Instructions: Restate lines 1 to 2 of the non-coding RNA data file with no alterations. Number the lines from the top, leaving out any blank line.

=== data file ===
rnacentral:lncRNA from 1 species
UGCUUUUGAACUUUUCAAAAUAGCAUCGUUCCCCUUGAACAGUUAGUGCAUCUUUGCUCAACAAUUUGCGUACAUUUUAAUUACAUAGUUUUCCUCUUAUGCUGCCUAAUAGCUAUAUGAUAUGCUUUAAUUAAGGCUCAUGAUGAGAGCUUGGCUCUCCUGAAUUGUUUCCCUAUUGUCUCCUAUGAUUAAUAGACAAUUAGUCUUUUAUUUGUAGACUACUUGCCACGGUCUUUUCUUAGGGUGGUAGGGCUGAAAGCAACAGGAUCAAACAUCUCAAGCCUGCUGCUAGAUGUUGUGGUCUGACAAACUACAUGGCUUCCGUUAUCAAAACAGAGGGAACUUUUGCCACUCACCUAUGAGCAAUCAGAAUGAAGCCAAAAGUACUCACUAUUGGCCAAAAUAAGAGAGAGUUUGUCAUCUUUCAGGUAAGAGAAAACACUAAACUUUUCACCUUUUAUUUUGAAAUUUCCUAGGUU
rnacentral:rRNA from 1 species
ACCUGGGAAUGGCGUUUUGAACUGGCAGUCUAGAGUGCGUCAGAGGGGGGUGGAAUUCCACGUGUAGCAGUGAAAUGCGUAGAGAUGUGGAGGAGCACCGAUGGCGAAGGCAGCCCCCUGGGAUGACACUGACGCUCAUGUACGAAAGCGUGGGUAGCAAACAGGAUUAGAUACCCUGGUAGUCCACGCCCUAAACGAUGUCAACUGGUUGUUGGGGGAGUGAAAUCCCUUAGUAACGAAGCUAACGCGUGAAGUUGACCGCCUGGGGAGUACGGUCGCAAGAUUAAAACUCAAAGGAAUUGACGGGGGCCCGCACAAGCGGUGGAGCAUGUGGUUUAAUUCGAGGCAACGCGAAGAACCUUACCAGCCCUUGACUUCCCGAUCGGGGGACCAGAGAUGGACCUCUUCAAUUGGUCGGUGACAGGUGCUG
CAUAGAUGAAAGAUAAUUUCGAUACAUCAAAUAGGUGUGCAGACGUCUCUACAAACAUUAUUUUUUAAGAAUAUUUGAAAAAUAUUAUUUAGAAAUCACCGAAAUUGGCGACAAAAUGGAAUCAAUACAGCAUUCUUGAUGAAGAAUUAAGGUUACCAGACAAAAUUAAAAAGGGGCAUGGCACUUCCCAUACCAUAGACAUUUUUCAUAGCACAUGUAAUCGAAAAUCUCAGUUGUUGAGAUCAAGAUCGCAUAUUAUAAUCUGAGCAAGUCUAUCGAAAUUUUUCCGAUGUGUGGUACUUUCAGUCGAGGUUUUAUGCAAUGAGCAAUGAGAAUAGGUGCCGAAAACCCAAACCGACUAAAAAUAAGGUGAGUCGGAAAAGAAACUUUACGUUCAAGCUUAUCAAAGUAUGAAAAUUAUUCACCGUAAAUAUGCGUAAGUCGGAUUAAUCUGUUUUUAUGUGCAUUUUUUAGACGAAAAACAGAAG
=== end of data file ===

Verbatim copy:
rnacentral:lncRNA from 1 species
UGCUUUUGAACUUUUCAAAAUAGCAUCGUUCCCCUUGAACAGUUAGUGCAUCUUUGCUCAACAAUUUGCGUACAUUUUAAUUACAUAGUUUUCCUCUUAUGCUGCCUAAUAGCUAUAUGAUAUGCUUUAAUUAAGGCUCAUGAUGAGAGCUUGGCUCUCCUGAAUUGUUUCCCUAUUGUCUCCUAUGAUUAAUAGACAAUUAGUCUUUUAUUUGUAGACUACUUGCCACGGUCUUUUCUUAGGGUGGUAGGGCUGAAAGCAACAGGAUCAAACAUCUCAAGCCUGCUGCUAGAUGUUGUGGUCUGACAAACUACAUGGCUUCCGUUAUCAAAACAGAGGGAACUUUUGCCACUCACCUAUGAGCAAUCAGAAUGAAGCCAAAAGUACUCACUAUUGGCCAAAAUAAGAGAGAGUUUGUCAUCUUUCAGGUAAGAGAAAACACUAAACUUUUCACCUUUUAUUUUGAAAUUUCCUAGGUU